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How UK hospitality can learn lessons from other Olympic hosts

19 April 2011 by
How UK hospitality can learn lessons from other Olympic hosts

Hindsight is a wonderful thing - and it's something that the UK hospitality industry can benefit from in the run up to London 2012. Rosalind Mullen reports on what lessons can be learnt from last year's Winter Olympics in Vancouver

No one thought the defining media image of the Vancouver Winter Olympics 2010 would be a lack of snow. It shows that no amount of planning can cover every eventuality, but it also demonstrates the importance of the hospitality industry. Arguably, if it hadn't been so well organised, visitors would have been even more disgruntled and there would have been consequences for tourism in the long term. So, let the recent Games be a warning - in 2012 the world's media will be looking at everything from sport to transport to whether the service in their hotel was up to scratch.

"The media is going to be in town and they're going to stick microphones in front of a whole bunch of visitors to get their opinions on their experience in London. Their answers are going to be critical in supporting the reputation of London and the UK in the future," said Greg Klassen, senior vice-president, marketing strategy and communications, for the Canadian Tourism Commission, when he spoke to Caterer last July.

Tourism Vancouver chair Rick Baxter agrees: "The initiatives put in place by the city's tourism industry served Vancouver well in the short term and set the stage for longer term tourism growth. Ensuring our Olympic visitors received the information and service they needed to enjoy their time in the city was an important step in turning them into repeat visitors."

It goes without saying, then, that hotels and restaurants should price cautiously. "Resist the urge to price for the Olympics and consider pricing for the next 10 years instead. You don't want these to become known as the rip-off Olympics," advises Klassen.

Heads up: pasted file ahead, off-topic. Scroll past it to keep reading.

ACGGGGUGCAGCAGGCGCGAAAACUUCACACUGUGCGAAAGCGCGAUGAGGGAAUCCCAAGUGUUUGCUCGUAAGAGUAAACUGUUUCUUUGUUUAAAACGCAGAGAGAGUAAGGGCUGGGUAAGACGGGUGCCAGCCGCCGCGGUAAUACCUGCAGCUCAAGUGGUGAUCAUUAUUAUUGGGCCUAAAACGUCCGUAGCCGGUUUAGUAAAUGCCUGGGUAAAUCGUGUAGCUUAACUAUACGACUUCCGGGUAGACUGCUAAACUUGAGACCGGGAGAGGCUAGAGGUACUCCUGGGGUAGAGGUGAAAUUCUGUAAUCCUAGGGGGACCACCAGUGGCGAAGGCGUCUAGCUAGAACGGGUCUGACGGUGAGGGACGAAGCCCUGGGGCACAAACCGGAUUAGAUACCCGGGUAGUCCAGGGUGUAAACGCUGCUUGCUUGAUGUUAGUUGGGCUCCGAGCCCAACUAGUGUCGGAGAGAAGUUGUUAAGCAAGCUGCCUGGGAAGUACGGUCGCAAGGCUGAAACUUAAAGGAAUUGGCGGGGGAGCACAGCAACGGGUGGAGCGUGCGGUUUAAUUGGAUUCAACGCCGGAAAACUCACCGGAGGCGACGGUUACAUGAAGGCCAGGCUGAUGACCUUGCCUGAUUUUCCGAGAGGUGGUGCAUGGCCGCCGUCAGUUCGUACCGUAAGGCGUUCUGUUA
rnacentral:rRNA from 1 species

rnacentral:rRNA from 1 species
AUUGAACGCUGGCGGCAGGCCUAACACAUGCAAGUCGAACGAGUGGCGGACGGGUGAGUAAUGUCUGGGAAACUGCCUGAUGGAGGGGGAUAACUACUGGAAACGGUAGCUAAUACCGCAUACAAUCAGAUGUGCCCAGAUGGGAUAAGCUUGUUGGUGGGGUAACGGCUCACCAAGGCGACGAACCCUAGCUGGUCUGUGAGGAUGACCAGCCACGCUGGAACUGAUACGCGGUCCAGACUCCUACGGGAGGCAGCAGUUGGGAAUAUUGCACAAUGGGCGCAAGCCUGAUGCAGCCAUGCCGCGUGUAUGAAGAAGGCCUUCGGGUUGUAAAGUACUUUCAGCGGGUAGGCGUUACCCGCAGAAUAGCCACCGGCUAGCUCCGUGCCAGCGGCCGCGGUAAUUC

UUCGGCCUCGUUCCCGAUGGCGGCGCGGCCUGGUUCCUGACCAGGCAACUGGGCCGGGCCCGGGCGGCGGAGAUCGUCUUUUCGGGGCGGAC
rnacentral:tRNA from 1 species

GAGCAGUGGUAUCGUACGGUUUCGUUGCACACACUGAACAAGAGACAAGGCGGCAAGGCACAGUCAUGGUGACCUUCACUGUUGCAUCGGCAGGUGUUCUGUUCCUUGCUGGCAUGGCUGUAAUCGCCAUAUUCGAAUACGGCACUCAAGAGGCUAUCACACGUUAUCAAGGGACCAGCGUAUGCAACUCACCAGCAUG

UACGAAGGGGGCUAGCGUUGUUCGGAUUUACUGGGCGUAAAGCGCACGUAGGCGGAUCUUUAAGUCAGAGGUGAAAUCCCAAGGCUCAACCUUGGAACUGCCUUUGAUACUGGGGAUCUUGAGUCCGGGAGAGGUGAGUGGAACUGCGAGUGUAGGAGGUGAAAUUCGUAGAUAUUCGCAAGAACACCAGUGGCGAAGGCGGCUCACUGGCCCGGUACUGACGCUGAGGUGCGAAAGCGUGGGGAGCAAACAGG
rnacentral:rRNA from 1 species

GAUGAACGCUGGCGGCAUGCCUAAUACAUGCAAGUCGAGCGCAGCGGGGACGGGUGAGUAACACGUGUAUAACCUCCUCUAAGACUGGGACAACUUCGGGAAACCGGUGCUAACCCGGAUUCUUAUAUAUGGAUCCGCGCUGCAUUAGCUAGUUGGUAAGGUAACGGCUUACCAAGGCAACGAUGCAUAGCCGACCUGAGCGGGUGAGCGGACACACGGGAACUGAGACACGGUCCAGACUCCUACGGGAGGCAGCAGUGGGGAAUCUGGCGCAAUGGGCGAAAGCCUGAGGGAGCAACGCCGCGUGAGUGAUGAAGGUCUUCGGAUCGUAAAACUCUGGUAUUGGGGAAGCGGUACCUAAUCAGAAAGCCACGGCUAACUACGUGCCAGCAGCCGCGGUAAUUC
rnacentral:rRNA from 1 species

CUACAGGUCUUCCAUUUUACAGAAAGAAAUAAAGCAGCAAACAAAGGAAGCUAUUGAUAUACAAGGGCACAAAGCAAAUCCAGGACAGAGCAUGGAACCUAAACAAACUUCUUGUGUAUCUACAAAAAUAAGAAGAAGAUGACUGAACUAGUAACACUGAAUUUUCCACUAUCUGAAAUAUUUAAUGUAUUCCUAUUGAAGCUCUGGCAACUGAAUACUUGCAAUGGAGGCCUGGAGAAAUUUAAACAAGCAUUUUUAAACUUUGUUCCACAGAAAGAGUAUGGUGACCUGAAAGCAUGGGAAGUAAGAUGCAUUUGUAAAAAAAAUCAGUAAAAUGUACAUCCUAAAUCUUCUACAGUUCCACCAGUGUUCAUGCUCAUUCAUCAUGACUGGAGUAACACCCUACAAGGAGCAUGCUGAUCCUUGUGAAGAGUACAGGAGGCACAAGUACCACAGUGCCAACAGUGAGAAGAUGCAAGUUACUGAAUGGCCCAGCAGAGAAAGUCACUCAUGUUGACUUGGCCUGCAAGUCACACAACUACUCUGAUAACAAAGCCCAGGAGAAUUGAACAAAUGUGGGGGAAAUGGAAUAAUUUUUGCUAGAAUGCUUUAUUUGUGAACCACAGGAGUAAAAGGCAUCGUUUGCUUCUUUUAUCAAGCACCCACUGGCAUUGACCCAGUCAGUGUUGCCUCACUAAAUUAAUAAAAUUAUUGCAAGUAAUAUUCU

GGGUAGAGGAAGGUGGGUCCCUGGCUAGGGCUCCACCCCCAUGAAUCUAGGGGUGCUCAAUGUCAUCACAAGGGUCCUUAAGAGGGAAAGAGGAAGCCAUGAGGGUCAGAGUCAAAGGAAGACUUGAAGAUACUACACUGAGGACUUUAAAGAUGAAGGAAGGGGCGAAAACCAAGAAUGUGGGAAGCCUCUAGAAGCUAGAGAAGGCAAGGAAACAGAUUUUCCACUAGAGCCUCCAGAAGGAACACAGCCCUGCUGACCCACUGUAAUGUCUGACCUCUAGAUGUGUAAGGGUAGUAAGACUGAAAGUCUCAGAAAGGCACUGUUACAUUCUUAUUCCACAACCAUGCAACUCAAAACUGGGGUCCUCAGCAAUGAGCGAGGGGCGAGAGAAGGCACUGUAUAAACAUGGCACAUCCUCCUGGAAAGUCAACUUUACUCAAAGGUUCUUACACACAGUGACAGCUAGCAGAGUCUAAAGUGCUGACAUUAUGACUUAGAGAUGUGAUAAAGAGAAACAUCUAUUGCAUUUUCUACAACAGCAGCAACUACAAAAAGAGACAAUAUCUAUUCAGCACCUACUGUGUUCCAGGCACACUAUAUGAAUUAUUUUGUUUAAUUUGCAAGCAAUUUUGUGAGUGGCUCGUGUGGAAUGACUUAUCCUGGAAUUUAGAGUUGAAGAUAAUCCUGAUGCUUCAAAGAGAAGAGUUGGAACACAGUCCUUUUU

Despite the ultimate success of Vancouver, in retrospect operators say some opportunities were underexploited.

"We could have taken more risks on the F&B side," says Mark Andrew, regional vice-president for Fairmont Hotels & Resorts. "For example, we had the opportunity to bid for the exclusive off-site catering at the Molson Canadian Hockey House. Knowing what we know today, we would have pushed to do this as the in-house F&B was not as busy as we thought it would be. For instance, we had the Russian delegation in-house, which represented 100 rooms a day, but they were all fed at Russian House, meaning 100 rooms were not yielding any F&B on property."

Andrew stresses that the importance of room assignment should not be underestimated. At Fairmont they employed someone specifically for this purpose so that key staff could be on-task.

"Rooms were sold for the duration of the Games [20 days] and then waves of guests would come in depending on how long companies hosted their programmes. Once the first check-in was completed, the company would own the rooms. This meant we basically had 556 check-ins on that day," he explains.

Andrew also emphasises the benefits of getting involved with tourism bodies. He regrets not spotting the significance of working with Tourism Vancouver, which uploaded a behind-the scenes daily video blog directed at the meetings industry. "Looking back, we would have supported these videos even more than we did, in order to further communicate Fairmont's message and demonstrate our involvement," he adds.